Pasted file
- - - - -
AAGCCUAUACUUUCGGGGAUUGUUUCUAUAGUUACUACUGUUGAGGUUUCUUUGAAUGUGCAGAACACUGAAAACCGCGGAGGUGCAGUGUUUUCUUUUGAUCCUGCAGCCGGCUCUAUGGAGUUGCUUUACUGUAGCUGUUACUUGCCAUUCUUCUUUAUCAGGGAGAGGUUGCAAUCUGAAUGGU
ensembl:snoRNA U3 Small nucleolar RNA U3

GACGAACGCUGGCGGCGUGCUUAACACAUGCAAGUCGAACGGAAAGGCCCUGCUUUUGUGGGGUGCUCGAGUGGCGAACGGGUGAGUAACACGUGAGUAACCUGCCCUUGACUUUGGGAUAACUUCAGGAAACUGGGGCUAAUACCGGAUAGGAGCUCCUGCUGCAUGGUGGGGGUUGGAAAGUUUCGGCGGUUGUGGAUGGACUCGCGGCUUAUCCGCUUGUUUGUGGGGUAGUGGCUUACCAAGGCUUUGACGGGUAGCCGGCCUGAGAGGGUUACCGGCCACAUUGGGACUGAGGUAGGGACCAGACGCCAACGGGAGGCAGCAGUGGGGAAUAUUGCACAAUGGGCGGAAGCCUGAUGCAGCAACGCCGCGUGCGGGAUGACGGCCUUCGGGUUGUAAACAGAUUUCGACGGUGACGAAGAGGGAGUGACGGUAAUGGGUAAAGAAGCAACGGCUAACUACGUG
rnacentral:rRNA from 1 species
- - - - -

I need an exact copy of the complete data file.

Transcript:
AAGCCUAUACUUUCGGGGAUUGUUUCUAUAGUUACUACUGUUGAGGUUUCUUUGAAUGUGCAGAACACUGAAAACCGCGGAGGUGCAGUGUUUUCUUUUGAUCCUGCAGCCGGCUCUAUGGAGUUGCUUUACUGUAGCUGUUACUUGCCAUUCUUCUUUAUCAGGGAGAGGUUGCAAUCUGAAUGGU
ensembl:snoRNA U3 Small nucleolar RNA U3

GACGAACGCUGGCGGCGUGCUUAACACAUGCAAGUCGAACGGAAAGGCCCUGCUUUUGUGGGGUGCUCGAGUGGCGAACGGGUGAGUAACACGUGAGUAACCUGCCCUUGACUUUGGGAUAACUUCAGGAAACUGGGGCUAAUACCGGAUAGGAGCUCCUGCUGCAUGGUGGGGGUUGGAAAGUUUCGGCGGUUGUGGAUGGACUCGCGGCUUAUCCGCUUGUUUGUGGGGUAGUGGCUUACCAAGGCUUUGACGGGUAGCCGGCCUGAGAGGGUUACCGGCCACAUUGGGACUGAGGUAGGGACCAGACGCCAACGGGAGGCAGCAGUGGGGAAUAUUGCACAAUGGGCGGAAGCCUGAUGCAGCAACGCCGCGUGCGGGAUGACGGCCUUCGGGUUGUAAACAGAUUUCGACGGUGACGAAGAGGGAGUGACGGUAAUGGGUAAAGAAGCAACGGCUAACUACGUG
rnacentral:rRNA from 1 species